Take the 2-minute tour ×
Stack Overflow is a question and answer site for professional and enthusiast programmers. It's 100% free, no registration required.

I'm Making an App. in java , in which there is a Button to which I have added an actionlistner. The ActionEvent it(the button) generates executes some code. Now I want this piece of code to run whenever the app. starts and without pressing the button. I mean, I want to generate the Actionevent (without pressing the button) so that the piece of code the ActionPerformed contains gets executed as the app. start. After that, it may run whenever I press the button.

I've googled it a lot but found no useful information.

Can this be done??

share|improve this question

4 Answers 4

You can create ActionEvents like any other Java Object by just using the constructor. And then you can send them directly to the component with Component.processEvent(..)

However, in this case I think you are better making your code into a separate function which is called both:

  • By the ActionListener when the button is pressed
  • Directly by your application startup code (possibility using SwingUtilities.invokeLater() or SwingUtilities.invokeAndWait() if you need it to happen on the event-handling thread)

This way you don't mix up presentation logic with the business logic of whatever the code does....

share|improve this answer

Yes it can be done, but it doesn't really make sense, since your goal isn't to press a button or to call an ActionListener's code, but rather to have a common behavior on button press and on program start up. To me the best way to achieve this is to have a method that is called by both the actionPerformed method of the ActionListener and by the class at start up.

Here's a simple example. In the code below, a method disables a button, turns the JPanel green, and starts a Timer that in 2 seconds enables the button and resets the JPanel's background color to its default. The method that causes this behavior is called both in the main class's constructor and in the JButton's ActionListener's actionPerformed method:

import java.awt.*;
import java.awt.event.*;
import javax.swing.*;

public class ActionOnStartUp extends JPanel {
   private static final int PANEL_W = 400;
   private static final int PANEL_H = 300;
   private static final int TIMER_DELAY = 2000;
   private JButton turnGreenBtn = new JButton("Turn Panel Green for 2 seconds");;

   public ActionOnStartUp() {
      turnPanelGreen();

      turnGreenBtn.addActionListener(new ActionListener() {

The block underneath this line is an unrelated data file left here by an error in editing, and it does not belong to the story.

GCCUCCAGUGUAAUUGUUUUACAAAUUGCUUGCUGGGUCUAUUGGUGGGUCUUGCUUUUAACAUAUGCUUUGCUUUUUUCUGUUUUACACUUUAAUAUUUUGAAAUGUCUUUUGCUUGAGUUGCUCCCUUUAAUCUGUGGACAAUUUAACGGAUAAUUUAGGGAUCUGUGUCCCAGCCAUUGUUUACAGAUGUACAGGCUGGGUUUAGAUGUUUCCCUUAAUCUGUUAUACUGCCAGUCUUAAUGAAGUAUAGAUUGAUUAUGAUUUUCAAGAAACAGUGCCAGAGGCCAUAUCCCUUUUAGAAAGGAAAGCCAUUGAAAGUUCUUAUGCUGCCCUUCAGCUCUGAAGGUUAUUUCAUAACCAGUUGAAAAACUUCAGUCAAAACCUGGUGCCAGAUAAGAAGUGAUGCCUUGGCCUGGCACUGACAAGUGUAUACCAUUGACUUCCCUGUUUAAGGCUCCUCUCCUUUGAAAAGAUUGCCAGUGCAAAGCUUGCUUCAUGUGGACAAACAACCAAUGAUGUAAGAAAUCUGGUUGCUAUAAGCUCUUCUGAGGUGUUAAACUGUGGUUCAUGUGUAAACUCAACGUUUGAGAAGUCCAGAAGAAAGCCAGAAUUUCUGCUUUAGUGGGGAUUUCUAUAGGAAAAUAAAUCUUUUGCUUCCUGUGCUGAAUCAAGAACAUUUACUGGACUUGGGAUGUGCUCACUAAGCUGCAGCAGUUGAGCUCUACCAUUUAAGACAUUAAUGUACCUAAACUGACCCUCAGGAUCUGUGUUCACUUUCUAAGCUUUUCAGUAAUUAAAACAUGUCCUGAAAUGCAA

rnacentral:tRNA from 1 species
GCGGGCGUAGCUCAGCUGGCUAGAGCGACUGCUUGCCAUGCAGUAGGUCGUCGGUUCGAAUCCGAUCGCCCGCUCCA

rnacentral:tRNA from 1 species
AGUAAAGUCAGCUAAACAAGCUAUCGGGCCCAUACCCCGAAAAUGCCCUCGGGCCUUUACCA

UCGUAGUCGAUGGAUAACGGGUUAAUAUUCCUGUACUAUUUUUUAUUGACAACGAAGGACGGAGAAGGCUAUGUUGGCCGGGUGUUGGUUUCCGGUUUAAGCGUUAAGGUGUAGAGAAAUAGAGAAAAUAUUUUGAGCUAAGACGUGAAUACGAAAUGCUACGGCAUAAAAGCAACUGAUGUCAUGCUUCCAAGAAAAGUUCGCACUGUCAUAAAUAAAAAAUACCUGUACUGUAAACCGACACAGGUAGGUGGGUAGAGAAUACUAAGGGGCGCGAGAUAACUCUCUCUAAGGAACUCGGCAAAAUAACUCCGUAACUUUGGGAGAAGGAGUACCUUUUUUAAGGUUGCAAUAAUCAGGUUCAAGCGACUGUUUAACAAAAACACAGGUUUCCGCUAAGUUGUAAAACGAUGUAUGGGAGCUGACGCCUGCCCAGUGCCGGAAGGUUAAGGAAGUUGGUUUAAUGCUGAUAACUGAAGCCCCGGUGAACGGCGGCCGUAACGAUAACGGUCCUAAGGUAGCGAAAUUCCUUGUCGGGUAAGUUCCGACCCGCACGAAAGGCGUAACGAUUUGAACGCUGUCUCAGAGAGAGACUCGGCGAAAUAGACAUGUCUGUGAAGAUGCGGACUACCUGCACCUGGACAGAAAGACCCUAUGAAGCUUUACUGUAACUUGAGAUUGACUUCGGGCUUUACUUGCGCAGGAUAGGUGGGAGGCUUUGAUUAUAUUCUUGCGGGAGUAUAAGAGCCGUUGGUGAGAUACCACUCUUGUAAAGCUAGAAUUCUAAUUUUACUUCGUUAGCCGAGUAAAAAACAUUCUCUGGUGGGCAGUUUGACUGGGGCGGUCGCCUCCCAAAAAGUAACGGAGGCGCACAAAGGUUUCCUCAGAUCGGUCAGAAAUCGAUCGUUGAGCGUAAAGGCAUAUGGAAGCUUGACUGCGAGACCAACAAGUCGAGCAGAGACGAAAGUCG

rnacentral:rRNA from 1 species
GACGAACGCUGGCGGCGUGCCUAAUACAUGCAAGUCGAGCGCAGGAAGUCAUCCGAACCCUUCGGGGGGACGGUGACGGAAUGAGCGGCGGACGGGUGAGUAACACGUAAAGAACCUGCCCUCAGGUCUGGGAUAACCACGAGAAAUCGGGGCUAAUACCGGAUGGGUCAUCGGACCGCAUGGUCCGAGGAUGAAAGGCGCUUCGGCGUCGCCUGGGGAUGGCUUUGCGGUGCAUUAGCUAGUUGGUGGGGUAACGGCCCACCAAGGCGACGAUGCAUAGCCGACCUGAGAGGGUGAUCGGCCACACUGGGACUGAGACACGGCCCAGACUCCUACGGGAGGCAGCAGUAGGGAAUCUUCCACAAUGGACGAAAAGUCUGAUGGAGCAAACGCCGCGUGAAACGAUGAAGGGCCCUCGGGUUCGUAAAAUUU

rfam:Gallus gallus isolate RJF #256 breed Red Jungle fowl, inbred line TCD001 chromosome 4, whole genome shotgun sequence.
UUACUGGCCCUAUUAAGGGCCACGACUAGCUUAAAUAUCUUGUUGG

@Override
         public void actionPerformed(ActionEvent e) {
            turnPanelGreen();
         }
      });
      add(turnGreenBtn);
   }

   public void turnPanelGreen() {
      setBackground(Color.green);
      turnGreenBtn.setEnabled(false);
      new Timer(TIMER_DELAY, new ActionListener() {
         public void actionPerformed(ActionEvent ae) {
            setBackground(null);
            turnGreenBtn.setEnabled(true);
            ((Timer) ae.getSource()).stop(); // stop the Timer
         }
      }).start();
   }

   @Override
   public Dimension getPreferredSize() {
      return new Dimension(PANEL_W, PANEL_H);
   }

   public static void createAndShowGui() {
      JFrame frame = new JFrame("Foo");
      frame.setDefaultCloseOperation(JFrame.EXIT_ON_CLOSE);
      frame.getContentPane().add(new ActionOnStartUp());
      frame.pack();
      frame.setLocationRelativeTo(null);
      frame.setVisible(true);
   }

   public static void main(String[] args) {
      SwingUtilities.invokeLater(new Runnable() {
         public void run() {
            createAndShowGui();
         }
      });
   }
}
share|improve this answer

Usually, the button action event responds to an external event, to notify the application that the user (or rather something or someone) interacted with the application. If your button executes some code that you want to also execute at application start, why not just place everything at it's proper place?

Example:

public class SomeSharedObject {
    public void executeSomeCode() { /*....*/ }
}

Set the button with something like

public void setButtonAction(final SOmeSharedObject obj) {
    button.addActionListener(new ActionListener() {
        public void actionPerformed(ActionEvent e) { 
            obj.executeSomeCode();
        }
    });
}

And run at application start with something like

public void initApplication(SomeSharedObject obj) {
    obj.executeSomeCode();     
}

And, if the code you need to execute takes a while to complete, you might want to use a separate thread inside your actionPerformed button event so your application UI does not freeze up.

share|improve this answer
    
No, Mikera didn't state to use SwingUtilities if the code takes a while to complete (that would suggest need of a SwingWorker), but rather to queue the code on the event thread using SwingUtilities.invokeLater(..) if you are calling it at program start up and off of the event thread. –  Hovercraft Full Of Eels Jul 23 '11 at 13:28
1  
you are right, after re-reading his answer, I edited that paragraph –  Yanick Rochon Jul 23 '11 at 13:55

Just Call JButton.doClick() it should fire the ActionEvent associated with the JButton.

share|improve this answer

Your Answer

 
discard

By posting your answer, you agree to the privacy policy and terms of service.

Not the answer you're looking for? Browse other questions tagged or ask your own question.